Anxiety is also common in people who suffer from depression. According to the National Alliance on Mental Illness, 60 percent of people who have anxiety also have depression, and vice versa.


8. How are OCD and depression similar?

Many symptoms of these two disorders overlap.

Trusted Sources, such as:


• They can have an impact on your mood, relationships, and ability to function normally.
• Both are associated with negative self-perceptions.
• They can result in thought patterns that exacerbate symptoms.
• Both can usually be improved with a combination of psychotherapy and medication, particularly selective serotonin reuptake inhibitors (SSRIs).


9. How are OCD and depression different?

Although OCD and depression have many symptoms in common, there are some important distinctions.


• OCD makes you feel compelled to repeat certain behaviours in order to reduce anxiety, whereas depression does not usually involve repeating compulsive behaviours like turning off and on light switches – though it is important to note that depression can be associated with compulsive use of alcohol, drugs, and sex.


• Tic disorders can be caused by OCD  to develop, but there is no evidence that tic disorders are caused by depression.
• The "Diagnostic and Statistical Manual of Mental Disorders, Fifth Edition (DSM-5)" classifies depression as a mood disorder. OCD was previously classified as an anxiety disorder in older versions of the DSM. OCD has been separated from anxiety and mood disorders in the DSM-5.


10. What you can do if you have OCD and depression?

Psychotherapy, medication, or both can be used to treat OCD and depression. In addition to these tried-and-true treatments, you can reduce your symptoms with other therapies such as mindfulness, yoga, and moderate physical activity.


Focus first on your OCD symptoms

Studies suggest that, it may be better for most people to focus on treating OCD symptoms first because reducing OCD symptoms often improves depression – but not the other way around. Treatment for depression does not always alleviate OCD symptoms.


Consider therapy

Cognitive-behavioural therapy (CBT) , which aims to identify and reshape unhealthy thinking patterns, has been especially beneficial to people suffering from OCD and depression.


Once you've begun to see improvement in your OCD symptoms, it's critical to target ruminations as part of your therapy because reducing these entrenched thought patterns can help with depression.


Connect when you feel like isolating

Take heart if you are a family member or friend of someone who suffers from OCD. Though you may feel helpless in the face of someone you care about's symptoms, there is something powerful you can do. Make an appearance. Show your affection. Strong human connections protect against depression, which can creep in when dealing with OCD.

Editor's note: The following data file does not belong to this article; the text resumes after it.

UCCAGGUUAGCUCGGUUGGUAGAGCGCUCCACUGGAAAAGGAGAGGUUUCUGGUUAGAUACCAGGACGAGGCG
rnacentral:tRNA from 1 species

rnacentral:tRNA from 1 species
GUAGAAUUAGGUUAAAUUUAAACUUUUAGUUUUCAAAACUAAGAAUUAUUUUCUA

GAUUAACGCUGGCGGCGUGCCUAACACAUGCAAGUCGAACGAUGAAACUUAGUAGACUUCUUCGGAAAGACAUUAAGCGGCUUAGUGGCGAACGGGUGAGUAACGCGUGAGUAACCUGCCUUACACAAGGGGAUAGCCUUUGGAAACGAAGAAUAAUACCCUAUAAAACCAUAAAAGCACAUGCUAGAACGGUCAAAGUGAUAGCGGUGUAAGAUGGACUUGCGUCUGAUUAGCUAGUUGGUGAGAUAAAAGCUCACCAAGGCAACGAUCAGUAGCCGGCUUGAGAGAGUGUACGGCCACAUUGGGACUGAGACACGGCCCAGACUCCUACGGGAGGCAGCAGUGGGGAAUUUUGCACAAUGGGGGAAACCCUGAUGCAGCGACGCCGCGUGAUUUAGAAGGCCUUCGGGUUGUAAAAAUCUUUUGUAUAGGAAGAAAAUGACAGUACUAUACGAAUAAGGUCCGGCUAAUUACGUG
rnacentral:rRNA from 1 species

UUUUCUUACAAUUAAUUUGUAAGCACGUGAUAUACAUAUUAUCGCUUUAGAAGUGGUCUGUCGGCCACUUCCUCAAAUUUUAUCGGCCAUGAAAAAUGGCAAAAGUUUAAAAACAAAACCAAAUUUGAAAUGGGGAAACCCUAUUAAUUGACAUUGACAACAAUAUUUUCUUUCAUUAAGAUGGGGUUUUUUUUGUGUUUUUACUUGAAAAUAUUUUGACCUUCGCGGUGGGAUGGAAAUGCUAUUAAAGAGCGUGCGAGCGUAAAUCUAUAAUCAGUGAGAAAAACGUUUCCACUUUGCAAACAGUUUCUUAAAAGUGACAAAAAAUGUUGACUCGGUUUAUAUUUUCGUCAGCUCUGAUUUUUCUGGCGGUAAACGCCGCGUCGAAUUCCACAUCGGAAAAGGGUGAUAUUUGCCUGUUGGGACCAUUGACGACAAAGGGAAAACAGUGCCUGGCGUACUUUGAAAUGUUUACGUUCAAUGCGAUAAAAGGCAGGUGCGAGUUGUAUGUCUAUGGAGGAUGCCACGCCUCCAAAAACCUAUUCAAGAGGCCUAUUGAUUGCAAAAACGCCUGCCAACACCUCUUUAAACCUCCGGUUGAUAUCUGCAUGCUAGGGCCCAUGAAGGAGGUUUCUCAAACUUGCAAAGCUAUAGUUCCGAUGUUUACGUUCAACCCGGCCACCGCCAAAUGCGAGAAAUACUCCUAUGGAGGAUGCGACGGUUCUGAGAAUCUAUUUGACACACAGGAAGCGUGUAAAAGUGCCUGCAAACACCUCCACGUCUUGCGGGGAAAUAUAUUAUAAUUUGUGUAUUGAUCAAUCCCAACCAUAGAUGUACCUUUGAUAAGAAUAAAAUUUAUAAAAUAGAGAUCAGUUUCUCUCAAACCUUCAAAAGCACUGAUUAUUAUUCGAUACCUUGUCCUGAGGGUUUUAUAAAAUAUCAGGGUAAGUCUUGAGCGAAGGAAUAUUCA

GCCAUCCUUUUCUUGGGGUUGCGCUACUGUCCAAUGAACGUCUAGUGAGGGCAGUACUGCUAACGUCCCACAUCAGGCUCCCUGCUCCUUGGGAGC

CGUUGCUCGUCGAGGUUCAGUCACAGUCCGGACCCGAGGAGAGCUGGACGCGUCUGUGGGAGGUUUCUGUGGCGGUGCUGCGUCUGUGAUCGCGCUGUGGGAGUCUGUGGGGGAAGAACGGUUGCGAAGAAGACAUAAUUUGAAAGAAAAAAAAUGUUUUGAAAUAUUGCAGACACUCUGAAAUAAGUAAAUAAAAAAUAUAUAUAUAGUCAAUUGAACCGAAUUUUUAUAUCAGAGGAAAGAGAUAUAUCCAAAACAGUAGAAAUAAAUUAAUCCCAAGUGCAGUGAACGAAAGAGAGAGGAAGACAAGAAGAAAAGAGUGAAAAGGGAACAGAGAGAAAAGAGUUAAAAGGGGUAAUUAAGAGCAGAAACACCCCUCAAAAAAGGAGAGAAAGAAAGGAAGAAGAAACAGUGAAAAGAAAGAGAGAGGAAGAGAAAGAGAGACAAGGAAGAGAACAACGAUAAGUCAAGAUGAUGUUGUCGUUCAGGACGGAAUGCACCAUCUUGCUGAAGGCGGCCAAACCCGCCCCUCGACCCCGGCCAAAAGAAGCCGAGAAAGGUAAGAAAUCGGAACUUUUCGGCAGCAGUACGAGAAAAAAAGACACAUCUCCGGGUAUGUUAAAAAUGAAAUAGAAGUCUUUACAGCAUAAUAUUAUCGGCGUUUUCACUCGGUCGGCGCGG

Work toward more movement in your life

Finding the energy to exercise when you're depressed can feel impossible at times. Take a few baby steps in the right direction. Many studies have confirmed that physical activity, when combined with therapy, can reduce OCD and depression symptoms.


11. What’s the outlook for people with OCD and depression?

Though OCD and depression cannot be "cured," many people who suffer from these symptoms respond well to treatment. According to studies Trusted Source, approximately half of people with OCD (especially those with less severe symptoms) experience symptom remission over time. It's worth noting that when OCD symptoms improved, depression symptoms improved as well.


Researchers tracked OCD symptoms in a 2013 study Trusted Source involving 591 participants for 30 years and discovered that roughly 60% of those with OCD went into remission. Some of those in remission had received no treatment at all.


Several factors, in general, contribute to better outcomes for people with OCD:

• early onset (symptoms that start in early or middle childhood)
• early diagnosis
• intensive intervention with CBT and SSRIs
• less severe symptoms
• family support


Having depression and OCD at the same time can result in less than ideal outcomes. This could be because depression makes it difficult to stick to treatment plans.


Conventional treatments will not be effective for some people who have been diagnosed with these two disorders. Some newer treatments, particularly brain stimulation techniques Trusted Source, may be beneficial in these cases, but more research is needed.


12. The takeaway

Depression and OCD frequently coexist. Most of the time, OCD comes first, followed by depression, implying that living with OCD causes depression.


Despite the fact that these two mental health conditions can be chronic, they are both treatable. Medication and psychotherapy, for example, can make a significant difference in the severity of OCD and depression symptoms.


If you have both OCD and depression, you will probably fare better if you treat the OCD symptoms first. When those symptoms are better managed, you may notice that your depression improves as well.


When OCD and depression coexist, it's a lot to deal with. Though you may feel isolated as a result of these conditions, you are not alone in dealing with them. With treatment and support, your symptoms, daily functioning, and quality of life can all improve.